The first of two non-market Saturdays is now in the books for the farmers market facility on Morton Street in downtown Bloomington, next to city hall.
Substituting for the usual location yesterday were several alternate spots. Of those, probably the most prominent was the parking lot of the former Kmart location off 3rd street, behind the east-side Bloomingfoods.
That’s where around 50 vendors listed on the welcome table’s roster and booth map were selling fresh produce from 8 a.m. to 1 p.m.
At least a few hundred people were at the market when The Beacon dropped by around 10:30 a.m.
They’ll repeat that scene next Saturday, but return to downtown Bloomington the following week—if the City of Bloomington has been able to implement the safeguards it thinks are necessary to re-open the market.
Last Monday, Bloomington’s mayor, John Hamilton, announced a two-Saturday suspension of the downtown farmers market—citing threats to public safety: “[I]nformation gathered identifying threats of specific individuals with connections to past white nationalist violence, present the potential for future clashes.”
So on Saturday, the downtown market location on Morton Street was empty except for an A-frame sign saying the market was closed. The general area of downtown Bloomington was noticeably quieter than usual.
In contrast, the parking lot of the former Kmart location off 3rd street, behind the east-side Bloomingfoods, was teeming with a level of activity it likely hasn’t seen since the big-box retailer closed about a year ago. Chatter among vendors and patrons included talk about the good mood—the good “vibe”—that people were feeling about successfully scrambling to find a venue.
Susan Welsand tweeted at The Beacon, “I had a big smile on my face all day.” The yellow sign posted at her Chile Woman stall read: “Welcome! to all, including: people of color, LGBTQ+ people, Muslim people, Jewish people, people with disabilities, immigrant people. We are glad you’re here.”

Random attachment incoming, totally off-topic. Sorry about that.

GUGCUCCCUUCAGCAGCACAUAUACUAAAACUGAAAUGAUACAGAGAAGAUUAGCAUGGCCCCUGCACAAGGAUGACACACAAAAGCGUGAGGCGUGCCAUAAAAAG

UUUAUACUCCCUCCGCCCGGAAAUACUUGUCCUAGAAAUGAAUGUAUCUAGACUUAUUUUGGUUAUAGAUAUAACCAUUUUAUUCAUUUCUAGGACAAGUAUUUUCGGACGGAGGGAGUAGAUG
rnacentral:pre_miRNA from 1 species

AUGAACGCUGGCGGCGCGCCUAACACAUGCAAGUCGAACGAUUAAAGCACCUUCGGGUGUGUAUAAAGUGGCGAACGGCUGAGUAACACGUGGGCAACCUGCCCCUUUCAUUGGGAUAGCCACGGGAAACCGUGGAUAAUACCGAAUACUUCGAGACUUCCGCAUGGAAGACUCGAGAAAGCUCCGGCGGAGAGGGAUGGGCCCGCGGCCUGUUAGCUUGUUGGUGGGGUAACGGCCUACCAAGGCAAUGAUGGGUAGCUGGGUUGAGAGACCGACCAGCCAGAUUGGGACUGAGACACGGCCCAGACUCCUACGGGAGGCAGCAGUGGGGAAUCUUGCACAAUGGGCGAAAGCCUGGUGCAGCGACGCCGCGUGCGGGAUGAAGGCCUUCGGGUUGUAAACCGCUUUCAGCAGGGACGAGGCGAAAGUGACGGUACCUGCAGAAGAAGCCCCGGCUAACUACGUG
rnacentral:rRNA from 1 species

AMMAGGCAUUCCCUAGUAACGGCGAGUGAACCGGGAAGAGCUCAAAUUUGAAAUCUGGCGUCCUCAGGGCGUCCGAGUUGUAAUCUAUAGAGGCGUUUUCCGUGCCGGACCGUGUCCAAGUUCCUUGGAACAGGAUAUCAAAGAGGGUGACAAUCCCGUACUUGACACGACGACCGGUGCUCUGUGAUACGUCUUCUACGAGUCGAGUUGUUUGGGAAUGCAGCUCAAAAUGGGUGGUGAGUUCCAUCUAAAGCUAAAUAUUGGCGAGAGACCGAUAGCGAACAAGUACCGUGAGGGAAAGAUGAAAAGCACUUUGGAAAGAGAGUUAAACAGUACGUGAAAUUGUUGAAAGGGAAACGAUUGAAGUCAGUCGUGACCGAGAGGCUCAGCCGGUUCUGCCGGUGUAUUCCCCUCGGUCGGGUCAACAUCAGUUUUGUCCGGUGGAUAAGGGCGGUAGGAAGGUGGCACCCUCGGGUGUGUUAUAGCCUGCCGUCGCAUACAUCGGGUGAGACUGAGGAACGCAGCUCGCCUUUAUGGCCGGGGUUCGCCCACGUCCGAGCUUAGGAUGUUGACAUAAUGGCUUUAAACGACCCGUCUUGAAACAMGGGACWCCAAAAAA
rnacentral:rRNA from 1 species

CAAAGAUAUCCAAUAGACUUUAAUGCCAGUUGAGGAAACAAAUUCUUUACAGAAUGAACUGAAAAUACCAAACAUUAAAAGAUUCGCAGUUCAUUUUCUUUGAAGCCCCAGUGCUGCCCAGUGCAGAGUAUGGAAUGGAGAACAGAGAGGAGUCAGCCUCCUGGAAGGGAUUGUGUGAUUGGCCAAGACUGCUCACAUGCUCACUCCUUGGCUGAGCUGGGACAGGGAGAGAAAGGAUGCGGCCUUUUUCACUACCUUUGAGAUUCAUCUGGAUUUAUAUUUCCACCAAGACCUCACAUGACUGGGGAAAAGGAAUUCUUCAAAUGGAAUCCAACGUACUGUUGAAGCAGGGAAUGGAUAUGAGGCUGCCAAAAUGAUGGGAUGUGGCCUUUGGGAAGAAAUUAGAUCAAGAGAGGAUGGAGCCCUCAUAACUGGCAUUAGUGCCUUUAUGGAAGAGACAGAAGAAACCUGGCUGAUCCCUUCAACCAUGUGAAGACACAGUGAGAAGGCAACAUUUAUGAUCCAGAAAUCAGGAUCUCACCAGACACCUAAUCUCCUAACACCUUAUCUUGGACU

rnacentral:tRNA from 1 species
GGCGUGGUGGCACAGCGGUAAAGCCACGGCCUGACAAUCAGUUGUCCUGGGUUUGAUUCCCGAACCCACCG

The location behind Bloomingfoods was organized for Saturday by several volunteers, Bobbi Boos told The Beacon on Saturday, including Bloomingfoods staff. Boos, who is treasurer of the Bloomingfoods co-op board, said she talked with a couple other board members Tuesday night.
On Wednesday morning she talked through the location with some of her farmer friends. By Wednesday afternoon the Bloomingfoods location was settled. It was an operational decision by store managers of Bloomingfoods, she said, not a board decision.
The Kmart parking lot likely could have fit all of the market’s 118 vendors. Once that location was settled, some farmers who were making arrangements of their own, folded their efforts into the Kmart spot. Vendor Jeff Hanna had planned to offer up to 25 spots at the parking lot of Urban Air, a business he owns. But on Saturday his Wagyu beef was being sold out of a booth on the Kmart lot, because that’s where so many vendors had chosen to re-locate.
Uniformed but unarmed security guards circulated through the substitute market area on Saturday.
Increased security could be a feature of the city’s market when it re-opens. At Wednesday’s news conference, Bloomington’s chief of police, Mike Diekhoff said that when the market reopens, “it will hopefully have a much safer feel to it.”
At Wednesday’s news conference, Mayor Hamilton was asked if he thought two weeks would be enough time to make the kinds of changes to the market that would make people feel safer there. “It’s our plan to address it in the two-week span—that’s our plan,” he said.
Boos said if the City needed another week, it was possible that the Kmart location would be available for a third week.
Boos summed up her thoughts on Saturday’s substitute market by saying, “I’m glad the community rose up in support of local food producers.”
Here’s some additional photos from Saturday’s substitute market at the former Kmart location.